In Kick-Ass 2, Hit Girl (Chloë Grace Moretz) and Kick-Ass (Aaron Taylor-Johnson) are back, and this time they’ve got some new friends. Well, Kick-Ass has anyway. He joins a group called Justice Forever, a collective of vigilantes that have been inspired by Kick-Ass himself. Hit Girl (or Mindy) is suffering a moral crisis. When her dad died, she made a promise that she would listen to the words of her new guardian, Marcus (Morris Chestnut). He forbids her to don her vigilante guise, to which she reluctantly agrees. Meanwhile, Kick-Ass is out fighting crime with his new mates, lead by Colonel Stars and Stripes (Jim Carrey) and desperately wants Hit Girl to join up with them.
Now, let me tell you, I love Kick-Ass. I re-watched it recently and it’s so refreshing to see it in a world where studios are desperate to churn out any old super hero move they can because they’re guaranteed money-spinners. Films like Kick-Ass and Super are so welcome and a genuine breath of fresh air in an increasingly stale format. Continue reading
When North Norfolk Digital, the radio station that employs Alan Partridge (Steve Coogan) is taken over by a company called Gordale Media and rebranded as Shape, Alan manages to keep his job at the expense of fellow middle aged DJ Pat Farrel (Colin Meaney). Pat doesn’t handle it so well, and takes the staff at Shape hostage. Alan becomes the contact point between the police and Pat, and as the situation attracts the attention of the media, Alan senses the chance to become a real star.
I decided a while ago that I wasn’t going to review Alan Partridge: Alpha Papa, as I was worried that I would be too biased. I have long been a fan of the character; I’ve watched the two series of I’m Alan Partridge more times than I care to think about, as well as the various other shows he has appeared in. The shows are endlessly quotable, and the trailer gave me high hopes that the movie would be the same. Continue reading
Stick-in-the-mud FBI agent Ashburn (Sandra Bullock) and unconventional street cop Mullins (Melissa McCarthy) get paired together to take down a drug lord, in a slightly different take on the buddy cop format.
I hadn’t been quite sure what to expect from The Heat. All I have seen of Melissa McCarthy’s previous work is her extremely funny cameo in This Is 40 and her dismal role in one of 2013’s comedy lowlights Identity Thief. Those who have seen more of her work assure me she is talented. The trailers looked fairly amusing but also painted a picture of a generic and predictable comedy. As expectation setting goes that is impressive, because fairly amusing and generic and predictable are the perfect lines to sum up this film (though that rather suggests I may have peaked too early with this review). Continue reading
You might have heard of Only God Forgives. The latest effort from Danish director Nicolas Winding Refn prompted huge anticipation and expectation when it was announced that it would team the helmsman with previous accomplice Ryan Gosling. The two worked together on the magnificent Drive, a film that quickly worked it’s way towards the top of my ‘favourite films ever’ list. That film was dark, moody, cool and had the best soundtrack I’ve ever heard.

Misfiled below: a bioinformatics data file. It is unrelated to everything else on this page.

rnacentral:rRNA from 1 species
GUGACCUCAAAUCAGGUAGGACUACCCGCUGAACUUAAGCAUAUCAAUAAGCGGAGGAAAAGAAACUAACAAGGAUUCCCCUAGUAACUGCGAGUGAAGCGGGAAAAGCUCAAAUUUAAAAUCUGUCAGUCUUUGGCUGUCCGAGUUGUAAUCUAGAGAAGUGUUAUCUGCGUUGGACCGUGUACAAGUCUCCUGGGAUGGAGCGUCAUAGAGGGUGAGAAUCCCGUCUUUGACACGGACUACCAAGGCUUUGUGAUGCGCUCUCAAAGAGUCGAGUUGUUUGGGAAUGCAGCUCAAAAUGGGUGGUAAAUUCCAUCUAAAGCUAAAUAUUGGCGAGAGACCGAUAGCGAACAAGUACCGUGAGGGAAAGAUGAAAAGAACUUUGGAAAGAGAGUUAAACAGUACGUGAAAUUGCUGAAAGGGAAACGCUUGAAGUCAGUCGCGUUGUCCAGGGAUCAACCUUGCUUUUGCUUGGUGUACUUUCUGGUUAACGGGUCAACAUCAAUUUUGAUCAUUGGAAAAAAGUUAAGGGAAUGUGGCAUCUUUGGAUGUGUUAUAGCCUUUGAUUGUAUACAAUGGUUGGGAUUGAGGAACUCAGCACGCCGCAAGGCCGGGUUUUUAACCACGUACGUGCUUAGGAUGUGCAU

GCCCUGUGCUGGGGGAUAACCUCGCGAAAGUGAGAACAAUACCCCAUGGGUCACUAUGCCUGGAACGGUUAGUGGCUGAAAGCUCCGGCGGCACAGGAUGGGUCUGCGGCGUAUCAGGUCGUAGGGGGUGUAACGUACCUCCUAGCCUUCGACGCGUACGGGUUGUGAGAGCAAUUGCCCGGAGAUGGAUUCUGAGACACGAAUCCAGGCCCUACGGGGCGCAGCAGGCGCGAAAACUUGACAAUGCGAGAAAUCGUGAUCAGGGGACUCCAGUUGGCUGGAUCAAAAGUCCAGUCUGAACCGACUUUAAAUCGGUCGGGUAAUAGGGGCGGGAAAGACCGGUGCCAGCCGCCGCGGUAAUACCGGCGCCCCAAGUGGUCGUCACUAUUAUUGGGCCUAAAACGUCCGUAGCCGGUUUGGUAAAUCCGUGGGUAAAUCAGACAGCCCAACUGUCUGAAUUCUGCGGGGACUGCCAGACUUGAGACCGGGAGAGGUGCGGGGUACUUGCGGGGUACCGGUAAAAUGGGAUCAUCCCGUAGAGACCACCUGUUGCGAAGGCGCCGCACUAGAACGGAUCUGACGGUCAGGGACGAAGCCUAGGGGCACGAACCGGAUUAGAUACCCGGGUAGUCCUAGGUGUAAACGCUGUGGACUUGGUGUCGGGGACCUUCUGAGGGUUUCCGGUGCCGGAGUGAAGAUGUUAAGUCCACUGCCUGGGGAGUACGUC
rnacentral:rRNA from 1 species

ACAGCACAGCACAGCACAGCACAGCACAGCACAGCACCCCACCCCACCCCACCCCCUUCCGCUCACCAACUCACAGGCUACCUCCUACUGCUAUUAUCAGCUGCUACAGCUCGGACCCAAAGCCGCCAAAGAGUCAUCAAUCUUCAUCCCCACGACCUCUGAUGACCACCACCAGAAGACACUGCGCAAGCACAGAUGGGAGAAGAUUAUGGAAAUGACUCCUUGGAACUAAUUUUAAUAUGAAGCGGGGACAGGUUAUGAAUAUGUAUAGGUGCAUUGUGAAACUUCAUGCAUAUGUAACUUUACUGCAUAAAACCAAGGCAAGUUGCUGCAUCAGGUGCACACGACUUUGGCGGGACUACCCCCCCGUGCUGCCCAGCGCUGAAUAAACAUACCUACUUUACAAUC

When the initial trailers for Only God Forgives started to be drip fed to us, they did nothing to deter it’s target audience from the idea that this was going to be Drive 2.0. It looked dark, moody, cool and sounded like it had a great soundtrack. Cue excitement from Drive and Gosling devotees such as myself. So when the film was screened at The Cannes Film Festival, receiving boos and prompting walkouts, I was a little surprised and concerned. Described as hyper-violent, self-indulgent and misogynistic in several quarters, I began to worry that one of my favourite actors may have contributed to a dud. Continue reading
Oh Dae-Su (Min-sik Choi) is kidnapped and imprisoned for 15 years. He is given no explanation as to why, which understandably gets him a little bit riled. When he is finally released, he is given a short timescale to find his captor and work out why he was kept locked up for so long.
Once released and on the trail for answers, Dae-Su meets and falls for a woman, Mi-do (Hye-jeong Kang). Their love story intertwines brilliantly with Dae-Su’s quest for vengeance until the whole thing reaches a stunning climax.
There is so much to love about Oldboy that I could never hope to cover it all here. There is some watch-through-your-fingers violence that even with repeated viewings, never loses its shock value. Not that Oldboy trades on shock alone. Sure, some of the scenes are difficult (or rather, impossible) to sit through without grimacing and squirming in your seat, but they all feed into the story and never feel like gimmicks to cause controversy. That said, there is one scene involving a Squid that I detest, but even so I must concede that it is incredibly compelling. It helps get us into the mind of Dae-Su, and his is a mind worth exploring. Continue reading